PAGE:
Natasha reigns this 3BHK apartment. She marks her dominance all over the dana-finished lavender walls, forlorn curtains and the unattended bedsheets: A blue crayon is the sceptre of her choice. Once done bluing her territory, she now chooses a blank A4-sized art paper and expresses her divine authority on it through the earthly shape of an African elephant. An African elephant is what she calls it, though it rather resembles a cow dyed blue.
African elephant roots back to the story that Natasha’s grandmother told her to bed last night, where a cute baby elephant gets isolated from its herd and befriends a village boy. Natasha isn’t that benign five-year-old who lets the elderly storyteller go unconfronted for the minute technicalities in the story. She led on: “What’s a herd?”
“A group of elephants is called a herd.”, Grandma replied.
“Whoa! So that means elephants also live in groups, just like us?”
“Of course! Isn’t that what you normally expect? You always like to be with friends right?”
“But I used to think elephants are just like meows and doggies… you can pet them. I did know they live in the jungle, but I won’t believe they have a life there. I just cannot imagine an elephant outside a circus ring.”, whined Natasha.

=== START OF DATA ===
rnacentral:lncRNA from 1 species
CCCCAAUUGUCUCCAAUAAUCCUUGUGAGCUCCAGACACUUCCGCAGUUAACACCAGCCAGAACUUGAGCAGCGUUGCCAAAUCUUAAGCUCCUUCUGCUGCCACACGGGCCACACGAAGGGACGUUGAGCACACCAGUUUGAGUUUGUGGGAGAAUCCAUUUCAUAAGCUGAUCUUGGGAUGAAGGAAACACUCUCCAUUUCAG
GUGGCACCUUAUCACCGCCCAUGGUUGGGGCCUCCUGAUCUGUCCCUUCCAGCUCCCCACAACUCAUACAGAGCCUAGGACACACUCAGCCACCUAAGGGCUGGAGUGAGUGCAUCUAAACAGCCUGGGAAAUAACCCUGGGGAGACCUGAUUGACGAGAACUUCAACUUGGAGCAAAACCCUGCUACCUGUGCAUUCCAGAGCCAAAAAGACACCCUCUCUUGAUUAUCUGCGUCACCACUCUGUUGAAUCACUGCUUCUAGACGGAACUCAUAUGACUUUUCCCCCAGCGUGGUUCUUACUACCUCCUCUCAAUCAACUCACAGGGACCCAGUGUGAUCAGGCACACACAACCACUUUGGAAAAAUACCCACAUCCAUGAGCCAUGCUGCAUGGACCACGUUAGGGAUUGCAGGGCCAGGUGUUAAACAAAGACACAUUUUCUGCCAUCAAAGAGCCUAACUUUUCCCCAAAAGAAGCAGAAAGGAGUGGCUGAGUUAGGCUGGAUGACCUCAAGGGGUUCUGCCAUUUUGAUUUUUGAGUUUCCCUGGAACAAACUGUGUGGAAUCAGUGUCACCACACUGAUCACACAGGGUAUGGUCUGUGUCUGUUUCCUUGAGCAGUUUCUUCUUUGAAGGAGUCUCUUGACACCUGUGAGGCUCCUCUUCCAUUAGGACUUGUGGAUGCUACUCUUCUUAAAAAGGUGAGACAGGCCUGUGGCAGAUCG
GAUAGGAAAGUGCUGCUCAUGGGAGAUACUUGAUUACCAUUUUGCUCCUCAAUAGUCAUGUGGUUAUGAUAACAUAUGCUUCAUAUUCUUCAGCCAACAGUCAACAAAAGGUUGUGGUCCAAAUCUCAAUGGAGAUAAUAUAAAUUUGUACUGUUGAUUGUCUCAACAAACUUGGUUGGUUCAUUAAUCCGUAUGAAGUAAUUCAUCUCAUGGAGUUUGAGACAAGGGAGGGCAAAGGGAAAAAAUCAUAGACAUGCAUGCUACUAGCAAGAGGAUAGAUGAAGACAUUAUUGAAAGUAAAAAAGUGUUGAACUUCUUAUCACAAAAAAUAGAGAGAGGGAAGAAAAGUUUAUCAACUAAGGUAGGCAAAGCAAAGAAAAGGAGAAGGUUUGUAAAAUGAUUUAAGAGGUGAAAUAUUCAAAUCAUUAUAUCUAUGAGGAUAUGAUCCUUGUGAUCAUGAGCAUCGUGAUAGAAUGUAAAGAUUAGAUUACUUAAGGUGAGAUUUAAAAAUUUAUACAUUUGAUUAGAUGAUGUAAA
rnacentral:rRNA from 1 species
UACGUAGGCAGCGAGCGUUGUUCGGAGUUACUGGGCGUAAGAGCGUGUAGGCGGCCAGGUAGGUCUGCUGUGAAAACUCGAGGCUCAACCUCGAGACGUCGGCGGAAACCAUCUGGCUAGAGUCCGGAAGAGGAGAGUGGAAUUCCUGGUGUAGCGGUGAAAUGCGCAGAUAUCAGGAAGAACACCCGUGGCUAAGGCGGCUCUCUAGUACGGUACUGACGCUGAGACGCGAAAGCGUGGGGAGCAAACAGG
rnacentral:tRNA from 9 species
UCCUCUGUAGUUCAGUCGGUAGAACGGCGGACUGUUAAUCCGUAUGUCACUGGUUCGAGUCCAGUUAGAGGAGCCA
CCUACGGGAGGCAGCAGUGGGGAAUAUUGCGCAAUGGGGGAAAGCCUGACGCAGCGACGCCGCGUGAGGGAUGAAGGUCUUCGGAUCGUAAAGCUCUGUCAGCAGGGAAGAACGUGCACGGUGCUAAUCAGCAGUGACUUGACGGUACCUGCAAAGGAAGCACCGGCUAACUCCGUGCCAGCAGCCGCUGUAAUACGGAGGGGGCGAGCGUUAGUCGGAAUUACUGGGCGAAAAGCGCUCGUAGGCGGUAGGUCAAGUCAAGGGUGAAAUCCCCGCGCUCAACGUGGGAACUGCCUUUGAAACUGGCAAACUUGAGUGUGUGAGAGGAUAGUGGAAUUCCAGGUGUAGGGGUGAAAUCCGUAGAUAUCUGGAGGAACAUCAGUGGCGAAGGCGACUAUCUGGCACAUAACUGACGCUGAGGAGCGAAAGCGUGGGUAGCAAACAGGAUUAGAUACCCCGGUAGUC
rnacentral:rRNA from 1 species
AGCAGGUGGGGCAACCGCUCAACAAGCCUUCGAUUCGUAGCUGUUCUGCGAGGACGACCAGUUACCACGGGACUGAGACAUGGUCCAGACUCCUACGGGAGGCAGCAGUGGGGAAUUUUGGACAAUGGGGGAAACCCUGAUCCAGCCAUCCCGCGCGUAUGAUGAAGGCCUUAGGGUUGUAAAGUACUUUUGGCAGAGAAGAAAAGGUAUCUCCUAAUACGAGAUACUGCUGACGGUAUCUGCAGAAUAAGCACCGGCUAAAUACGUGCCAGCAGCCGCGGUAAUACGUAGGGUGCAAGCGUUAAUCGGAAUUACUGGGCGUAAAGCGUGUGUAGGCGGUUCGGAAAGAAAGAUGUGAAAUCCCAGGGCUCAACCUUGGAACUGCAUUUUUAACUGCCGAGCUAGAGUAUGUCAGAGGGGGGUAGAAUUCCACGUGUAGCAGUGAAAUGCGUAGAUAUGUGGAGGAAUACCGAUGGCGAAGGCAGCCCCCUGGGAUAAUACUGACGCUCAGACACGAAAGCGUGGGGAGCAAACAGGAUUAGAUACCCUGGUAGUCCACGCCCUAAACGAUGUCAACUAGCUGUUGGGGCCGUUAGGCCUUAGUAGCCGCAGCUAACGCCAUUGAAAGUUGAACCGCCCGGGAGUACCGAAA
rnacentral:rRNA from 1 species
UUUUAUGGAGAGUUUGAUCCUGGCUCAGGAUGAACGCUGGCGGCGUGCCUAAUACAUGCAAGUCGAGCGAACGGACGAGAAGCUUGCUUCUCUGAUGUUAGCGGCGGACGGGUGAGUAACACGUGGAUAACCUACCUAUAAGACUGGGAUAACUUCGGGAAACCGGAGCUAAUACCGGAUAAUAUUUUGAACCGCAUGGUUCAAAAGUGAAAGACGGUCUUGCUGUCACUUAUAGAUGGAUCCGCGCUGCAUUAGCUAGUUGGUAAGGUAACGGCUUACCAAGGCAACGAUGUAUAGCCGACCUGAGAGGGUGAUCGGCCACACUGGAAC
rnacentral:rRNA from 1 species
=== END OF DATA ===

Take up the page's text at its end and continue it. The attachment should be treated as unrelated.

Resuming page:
“Well there are many kinds of elephants…”, Grandma continued her course with the weight of the headmistress that she had been for the past 30 years. This eventually was prompted to the very context of African elephants, which now finds its manifestation in Natasha’s artistry.
The lazy afternoon sun peeps in through the neighbouring skyrises and the curtain-window, shines on the maroon half-open auto-defrost refrigerator door. An overturned borosilicate cup and a delicate fruit custard spilling from it mourn the absence of an adult supervising Natasha. The red sun shines on Mr Sohni’s crayon-vandalised off-white shirt, and on the pale cheek of Grandma sleeping on the sofa, for the last time of the day.
“Look, Grandma!”, Natasha shakes Sushma, “I drew an African elephant.”
No reply. Natasha would have wondered what her nasty Grandma was up to in her dreams, and to Natasha, dreams now meant befriending cute baby elephants. She would have nurtured grievances about she being left out of the fun Grandma and the elephant were having in an alternate reality for a bit longer. But the doorbell rang.
Thanks to Natasha who has secretly figured out how to open the door latch just a couple of days ago. Mr Sohni could enter the apartment. Not much after he began to take on Natasha for the nuisance did he realise that his mom wasn’t breathing.
(To be continued)